Phillip E. Johnson, The Right Questions.

Phil Johnson’s latest book — an all-purpose book dealing with the Human Genome Project, higher education, terrorism, and much more.

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Book Review by Kevin Peet, fellow of the CBC

Phillip Johnson is a most accomplished man: former law professor at UC Berkeley, a law clerk for Chief Justice Earl Warren, and the author of several books on Darwinism and on the intelligent engaging of our culture in dialogue. His latest book is The Right Questions: Truth, Meaning & Public Debate, the stated purpose of which is not to try to answer the questions, instead it is to try to frame those questions that will most enable a fruitful cultural dialogue. The questions are divided usefully into categories, such as “The Right Questions about Science, God, and Morality” and “The Right Questions about the Meaning of Life.”

Of equal interest to the questions is the personal narrative which parallels them, as Mr. Johnson describes a stroke which he suffered in July 2001. This event profoundly changed his thinking and fundamentally changed who he is, as he was compelled to confront who he was and on what he based his confidence. “I was a Christian, even an ardent one after my worldly fashion, but now all the smoke was blown away and I saw Truth close up. I knew myself to be not so much a believer in Christ as a skeptic about everything else, a recovering nationalist who had lost his faith in the world’s definition of reason, but who knew only the world’s Jesus. That Jesus seemed too sentimental a thing to bear the full weight of a life at its most desperate moment.”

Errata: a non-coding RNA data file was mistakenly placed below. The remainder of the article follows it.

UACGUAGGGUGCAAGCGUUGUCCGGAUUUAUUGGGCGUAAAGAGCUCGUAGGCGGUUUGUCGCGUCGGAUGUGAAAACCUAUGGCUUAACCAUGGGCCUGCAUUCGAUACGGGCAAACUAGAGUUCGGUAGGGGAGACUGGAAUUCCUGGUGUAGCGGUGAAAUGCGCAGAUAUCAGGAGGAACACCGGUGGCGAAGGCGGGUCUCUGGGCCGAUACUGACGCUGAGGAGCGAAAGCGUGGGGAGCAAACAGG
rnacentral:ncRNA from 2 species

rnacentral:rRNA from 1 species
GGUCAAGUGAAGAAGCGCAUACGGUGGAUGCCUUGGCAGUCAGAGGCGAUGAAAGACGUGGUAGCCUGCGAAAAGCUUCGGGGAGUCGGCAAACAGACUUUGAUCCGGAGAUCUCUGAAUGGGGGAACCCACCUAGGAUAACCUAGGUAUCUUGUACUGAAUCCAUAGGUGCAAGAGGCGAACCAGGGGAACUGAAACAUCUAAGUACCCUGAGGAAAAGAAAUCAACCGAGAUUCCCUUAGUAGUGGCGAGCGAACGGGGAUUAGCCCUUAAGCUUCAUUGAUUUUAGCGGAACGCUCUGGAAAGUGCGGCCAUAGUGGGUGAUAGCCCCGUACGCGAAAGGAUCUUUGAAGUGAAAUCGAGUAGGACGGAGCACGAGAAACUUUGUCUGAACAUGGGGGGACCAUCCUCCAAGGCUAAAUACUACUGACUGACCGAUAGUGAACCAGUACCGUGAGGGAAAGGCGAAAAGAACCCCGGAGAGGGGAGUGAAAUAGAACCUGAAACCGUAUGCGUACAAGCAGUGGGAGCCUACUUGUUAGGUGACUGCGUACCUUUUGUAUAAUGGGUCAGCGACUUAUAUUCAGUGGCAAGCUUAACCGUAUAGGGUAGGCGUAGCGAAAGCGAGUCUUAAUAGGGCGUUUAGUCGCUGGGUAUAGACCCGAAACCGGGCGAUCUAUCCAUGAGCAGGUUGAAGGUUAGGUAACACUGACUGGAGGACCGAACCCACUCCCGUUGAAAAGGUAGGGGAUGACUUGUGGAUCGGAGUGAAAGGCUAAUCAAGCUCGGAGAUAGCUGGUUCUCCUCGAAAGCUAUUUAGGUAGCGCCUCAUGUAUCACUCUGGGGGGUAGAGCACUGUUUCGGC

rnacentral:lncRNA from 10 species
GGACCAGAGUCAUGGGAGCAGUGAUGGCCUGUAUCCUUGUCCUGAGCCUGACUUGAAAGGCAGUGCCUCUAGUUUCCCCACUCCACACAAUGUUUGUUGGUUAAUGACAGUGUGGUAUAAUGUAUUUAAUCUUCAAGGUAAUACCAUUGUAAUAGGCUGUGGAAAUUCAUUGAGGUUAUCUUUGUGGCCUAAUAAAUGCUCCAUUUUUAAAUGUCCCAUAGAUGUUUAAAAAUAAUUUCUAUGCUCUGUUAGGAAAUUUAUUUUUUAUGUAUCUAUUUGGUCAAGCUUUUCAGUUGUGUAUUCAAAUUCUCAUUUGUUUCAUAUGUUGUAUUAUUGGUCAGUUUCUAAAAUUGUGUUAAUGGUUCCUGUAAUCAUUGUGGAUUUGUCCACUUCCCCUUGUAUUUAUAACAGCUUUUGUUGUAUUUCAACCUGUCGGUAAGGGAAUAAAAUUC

Mr. Johnson uses, in the Introduction to the book, the analogy of a ‘logic train,’ that is, something which will reach the reasonable terminus, assuming that the right questions are set forth initially and that rigorous logic and rationality are uniformly applied. And he reinforces this with “The Right Questions about Logic” in chapter 3, talking about “the ultimate premise, the beginning point from which logic should proceed.”

There is much to value and to enjoy about the book. Mr. Johnson has very sound things to say, such as about the inadvisability of hinging apologetic arguments on the first few chapters of Genesis, or the inevitable strains under which Christian academics must conduct their careers within the academy. The book will be of value to someone who finds himself or herself desiring a way to consider the matters under discussion there, and will also be appreciated by someone wishing to see how the principles and ideas in The Wedge of Truth can be applied concretely to engage and challenge our contemporary culture.

My own favorite part, I admit, is his joyous admission-repeated when he gave a talk to the CBC in November 2002-that he would not undo the effects of the stroke, difficult though they have been, even if he could, because of the vast benefit he has thereby gained. “I do not think I knew Jesus at all,”ᅠhe states, “until I knew him in suffering, and so I could never wish that suffering altogether undone if that meant that its effects would be wiped out from my life.”